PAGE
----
A Comparison of Anonymous Versus Identifiable e-Peer Review on College Student Writing Performance and the Extent of Critical Feedback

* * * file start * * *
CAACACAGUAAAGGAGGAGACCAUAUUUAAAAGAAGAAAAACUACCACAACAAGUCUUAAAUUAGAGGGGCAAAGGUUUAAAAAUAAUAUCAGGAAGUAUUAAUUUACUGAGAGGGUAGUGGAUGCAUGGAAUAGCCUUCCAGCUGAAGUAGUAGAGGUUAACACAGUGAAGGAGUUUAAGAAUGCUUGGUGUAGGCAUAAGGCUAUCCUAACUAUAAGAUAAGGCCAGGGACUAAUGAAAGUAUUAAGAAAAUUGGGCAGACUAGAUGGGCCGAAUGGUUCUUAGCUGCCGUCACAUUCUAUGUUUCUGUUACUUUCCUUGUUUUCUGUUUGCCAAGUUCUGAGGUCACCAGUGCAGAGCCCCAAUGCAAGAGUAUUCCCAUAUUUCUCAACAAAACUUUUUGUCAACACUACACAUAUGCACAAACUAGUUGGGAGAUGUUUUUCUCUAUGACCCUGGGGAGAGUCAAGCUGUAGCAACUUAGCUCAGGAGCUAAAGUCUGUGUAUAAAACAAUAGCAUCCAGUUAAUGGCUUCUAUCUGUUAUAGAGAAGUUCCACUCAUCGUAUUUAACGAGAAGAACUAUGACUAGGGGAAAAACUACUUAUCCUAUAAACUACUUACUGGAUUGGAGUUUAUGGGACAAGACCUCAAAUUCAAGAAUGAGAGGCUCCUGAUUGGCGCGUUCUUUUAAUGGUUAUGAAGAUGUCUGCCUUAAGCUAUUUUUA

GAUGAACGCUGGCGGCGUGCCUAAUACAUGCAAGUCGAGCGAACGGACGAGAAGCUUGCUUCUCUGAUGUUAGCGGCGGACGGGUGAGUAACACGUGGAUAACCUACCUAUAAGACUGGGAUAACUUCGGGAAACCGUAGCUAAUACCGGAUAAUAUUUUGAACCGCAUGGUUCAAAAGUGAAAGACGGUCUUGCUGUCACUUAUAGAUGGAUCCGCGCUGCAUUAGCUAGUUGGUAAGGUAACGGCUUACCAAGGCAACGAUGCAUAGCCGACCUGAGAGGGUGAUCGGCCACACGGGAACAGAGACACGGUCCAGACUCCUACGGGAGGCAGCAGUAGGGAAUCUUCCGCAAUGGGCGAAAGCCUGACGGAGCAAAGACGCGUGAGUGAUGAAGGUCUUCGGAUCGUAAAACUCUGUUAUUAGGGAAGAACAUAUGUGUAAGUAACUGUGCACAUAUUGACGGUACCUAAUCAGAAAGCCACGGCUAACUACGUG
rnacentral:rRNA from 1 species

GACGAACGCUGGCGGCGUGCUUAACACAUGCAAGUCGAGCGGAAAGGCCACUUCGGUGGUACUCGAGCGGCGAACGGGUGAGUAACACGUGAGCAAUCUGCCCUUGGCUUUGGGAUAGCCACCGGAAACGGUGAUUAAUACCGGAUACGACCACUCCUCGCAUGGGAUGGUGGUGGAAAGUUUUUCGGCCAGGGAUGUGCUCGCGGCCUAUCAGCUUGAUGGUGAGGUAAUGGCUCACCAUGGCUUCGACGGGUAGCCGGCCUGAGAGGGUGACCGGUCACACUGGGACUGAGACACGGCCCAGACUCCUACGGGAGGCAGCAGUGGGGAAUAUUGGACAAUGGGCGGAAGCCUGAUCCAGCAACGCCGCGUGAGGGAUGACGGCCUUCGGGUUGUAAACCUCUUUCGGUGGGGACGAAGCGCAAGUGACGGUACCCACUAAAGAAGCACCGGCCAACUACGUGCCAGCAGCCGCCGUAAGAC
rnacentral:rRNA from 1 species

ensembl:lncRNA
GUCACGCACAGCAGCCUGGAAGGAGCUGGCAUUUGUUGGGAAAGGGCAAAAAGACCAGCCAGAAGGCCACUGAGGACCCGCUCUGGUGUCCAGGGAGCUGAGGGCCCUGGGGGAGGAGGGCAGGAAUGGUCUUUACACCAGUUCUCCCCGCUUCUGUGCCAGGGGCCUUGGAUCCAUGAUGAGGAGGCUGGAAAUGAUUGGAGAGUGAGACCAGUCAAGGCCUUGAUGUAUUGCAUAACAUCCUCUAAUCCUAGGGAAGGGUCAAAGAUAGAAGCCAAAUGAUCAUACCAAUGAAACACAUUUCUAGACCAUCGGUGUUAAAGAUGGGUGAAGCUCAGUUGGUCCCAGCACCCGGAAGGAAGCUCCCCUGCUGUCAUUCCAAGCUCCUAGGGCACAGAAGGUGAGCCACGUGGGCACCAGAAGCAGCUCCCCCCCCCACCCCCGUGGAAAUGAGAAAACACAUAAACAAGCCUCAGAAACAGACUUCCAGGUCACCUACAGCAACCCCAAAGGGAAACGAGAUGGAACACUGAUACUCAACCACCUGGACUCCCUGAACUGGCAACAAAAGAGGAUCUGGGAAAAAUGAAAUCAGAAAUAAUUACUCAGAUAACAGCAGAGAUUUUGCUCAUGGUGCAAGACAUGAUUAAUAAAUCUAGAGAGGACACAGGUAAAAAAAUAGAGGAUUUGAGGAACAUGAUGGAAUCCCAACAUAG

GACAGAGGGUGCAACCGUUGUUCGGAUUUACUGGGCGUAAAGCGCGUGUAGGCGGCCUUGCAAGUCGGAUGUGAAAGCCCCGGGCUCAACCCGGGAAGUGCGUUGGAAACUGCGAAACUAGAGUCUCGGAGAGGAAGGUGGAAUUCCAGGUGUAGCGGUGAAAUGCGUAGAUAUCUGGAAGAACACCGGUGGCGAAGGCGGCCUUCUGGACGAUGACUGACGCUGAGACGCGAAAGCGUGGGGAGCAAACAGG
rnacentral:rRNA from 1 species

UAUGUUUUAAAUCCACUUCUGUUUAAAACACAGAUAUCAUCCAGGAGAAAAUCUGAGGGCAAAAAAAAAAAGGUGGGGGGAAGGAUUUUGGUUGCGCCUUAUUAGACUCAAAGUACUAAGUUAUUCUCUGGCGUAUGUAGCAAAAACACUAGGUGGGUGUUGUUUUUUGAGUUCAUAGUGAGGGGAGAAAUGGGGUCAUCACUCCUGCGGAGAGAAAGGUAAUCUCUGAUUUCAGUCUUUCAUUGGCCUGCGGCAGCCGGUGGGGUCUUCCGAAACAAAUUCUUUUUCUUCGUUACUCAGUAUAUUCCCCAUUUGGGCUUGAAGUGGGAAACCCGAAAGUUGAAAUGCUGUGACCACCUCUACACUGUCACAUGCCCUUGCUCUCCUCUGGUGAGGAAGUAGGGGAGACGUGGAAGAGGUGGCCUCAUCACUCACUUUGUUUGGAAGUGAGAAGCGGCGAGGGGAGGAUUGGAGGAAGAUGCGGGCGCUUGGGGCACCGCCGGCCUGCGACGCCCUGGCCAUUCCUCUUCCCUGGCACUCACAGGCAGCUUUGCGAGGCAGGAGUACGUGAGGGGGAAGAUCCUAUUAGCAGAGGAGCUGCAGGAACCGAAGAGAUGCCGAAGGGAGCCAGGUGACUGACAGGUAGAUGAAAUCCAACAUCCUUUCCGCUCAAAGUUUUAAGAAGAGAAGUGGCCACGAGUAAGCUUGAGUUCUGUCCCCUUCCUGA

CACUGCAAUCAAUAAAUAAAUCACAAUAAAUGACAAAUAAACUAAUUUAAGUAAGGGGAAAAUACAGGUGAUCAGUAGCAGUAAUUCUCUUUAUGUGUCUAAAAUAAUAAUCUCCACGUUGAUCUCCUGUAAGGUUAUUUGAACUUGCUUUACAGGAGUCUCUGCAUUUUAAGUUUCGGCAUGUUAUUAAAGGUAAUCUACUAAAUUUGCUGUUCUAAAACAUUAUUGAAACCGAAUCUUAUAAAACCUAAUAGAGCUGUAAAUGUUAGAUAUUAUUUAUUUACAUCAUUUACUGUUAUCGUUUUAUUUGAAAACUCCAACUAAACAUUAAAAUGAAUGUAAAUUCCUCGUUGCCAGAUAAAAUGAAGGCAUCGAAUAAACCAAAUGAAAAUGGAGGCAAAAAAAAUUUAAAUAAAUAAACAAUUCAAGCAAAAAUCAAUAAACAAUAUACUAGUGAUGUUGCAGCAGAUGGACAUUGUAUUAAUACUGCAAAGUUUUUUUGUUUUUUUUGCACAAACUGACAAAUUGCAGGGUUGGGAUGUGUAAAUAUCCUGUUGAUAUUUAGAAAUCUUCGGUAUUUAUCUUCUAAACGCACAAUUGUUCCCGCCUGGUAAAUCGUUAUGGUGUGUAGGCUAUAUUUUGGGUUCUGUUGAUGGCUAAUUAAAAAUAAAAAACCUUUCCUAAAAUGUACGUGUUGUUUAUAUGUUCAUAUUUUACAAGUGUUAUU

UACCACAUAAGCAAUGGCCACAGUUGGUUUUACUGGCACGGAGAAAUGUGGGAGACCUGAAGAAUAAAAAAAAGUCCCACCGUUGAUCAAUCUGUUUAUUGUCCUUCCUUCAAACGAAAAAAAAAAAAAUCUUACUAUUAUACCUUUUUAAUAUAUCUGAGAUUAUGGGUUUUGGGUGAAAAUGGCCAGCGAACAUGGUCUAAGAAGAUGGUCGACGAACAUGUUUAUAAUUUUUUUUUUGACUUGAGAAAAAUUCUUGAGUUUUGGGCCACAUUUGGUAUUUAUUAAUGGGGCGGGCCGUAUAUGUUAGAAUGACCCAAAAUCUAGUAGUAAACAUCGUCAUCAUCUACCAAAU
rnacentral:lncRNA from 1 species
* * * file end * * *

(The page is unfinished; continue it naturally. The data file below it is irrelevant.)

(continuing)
Peer review has become commonplace in composition courses and is increasingly employed in the context of telecommunication technology. The purpose of this experiment was to compare the effects of anonymous and identifiable electronic peer (e-peer) review on college student writing performance and the extent of critical peer feedback. Participants were 92 undergraduate freshmen in four English composition classes enrolled in the fall semesters of 2003 and 2004. The same instructor taught all four classes, and in each semester, one class was assigned to the anonymous e-peer review group and the other to the identifiable e-peer review group. All other elements—course content, assignments, demands, and classroom instruction—were held constant. The results from both semesters showed that students participating in anonymous e-peer review performed better on the writing performance task and provided more critical feedback to their peers than did students participating in the identifiable e-peer review.